LGBT activist Jimmy Sham has launched a new legal bid to force Hong Kong to recognise the status of same-sex couples who were married overseas, with his lawyer arguing that differential treatment from heterosexual couples violates people’s right to equality.

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Jimmy Sham at Lek Yuen Estate, Shatin. Photo: May James/HKFP.

Sham, who failed in his initial judicial challenge in September 2020, appealed against the lower court’s ruling before a three-judge panel consisting of Chief Judge of the High Court Poon Shiu-chor, Vice President of the Court of Appeal Susan Kwan and Justice of Appeal Carlye Chu.

Sham is currently detained under the national security law for conspiracy to commit subversion by organising or taking part in an unofficial democratic primary election in July 2020. He did not attend Thursday’s hearing and all legal representatives also took part remotely via video conference.

‘Rights to equality’

The activist’s lawyer Hectar Pun argued that same-sex couples have similar needs to their heterosexual counterparts in terms of acknowledgement of their relationship, especially when it comes to the day-to-day discrimination which homosexual couples face such as in handling a partner’s medical and housing issues.

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Pride Parade in Hong Kong. File photo: Kris Cheng/HKFP.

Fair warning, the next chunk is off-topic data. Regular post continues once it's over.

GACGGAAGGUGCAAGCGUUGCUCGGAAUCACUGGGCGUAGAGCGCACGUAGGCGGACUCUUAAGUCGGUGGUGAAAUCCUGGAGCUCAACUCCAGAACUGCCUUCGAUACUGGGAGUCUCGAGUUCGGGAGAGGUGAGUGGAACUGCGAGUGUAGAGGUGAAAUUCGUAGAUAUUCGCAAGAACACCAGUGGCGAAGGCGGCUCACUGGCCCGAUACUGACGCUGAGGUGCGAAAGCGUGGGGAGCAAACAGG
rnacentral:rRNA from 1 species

He said it was differential treatment for Hong Kong to recognise overseas heterosexual marriage but not those of homosexual couples, adding it implied that same-sex relationships were of less value. This violated the principle that all residents should be treated equally as prescribed by the Basic Law and the Hong Kong Bill of Rights.

Article 37 of the Basic Law states that “[t]he freedom of marriage of Hong Kong residents and their right to raise a family freely shall be protected by law.” Pun argued the provision did not specify the protection was only for heterosexual residents.

Pun added that a person’s sexual orientation is a “personal characteristic” that cannot be changed and that such recognition does not hurt the existing marriage system.

High Court
High Court. File photo: Candice Chau/HKFP.

“The traditional concept of marriage is sufficiently protected under the law, and we don’t see how recognition of overseas same-sex marriage would undermine that,” Pun said.

Marriage between man and woman

Stewart Wong, for the Department of Justice, said Article 37 only protects heterosexual marriages because the city’s Marriage Ordinance stipulates that a marriage is between a man and a woman. So the court had no obligation also to safeguard the right to marriage of same-sex couples.

Wong added that not recognising homosexual marriage was intended to protect the existing marriage and family system.

The court is set to hand down a ruling within six months.

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Almond Li is a Hong Kong-based journalist who previously worked for Reuters and Happs TV as a freelancer, and as a reporter at Hong Kong International Business Channel, Citizen News and Commercial Radio Hong Kong. She earned her Masters in Journalism at the University of Southern California. She has an interest in LGBT+, mental health and environmental issues.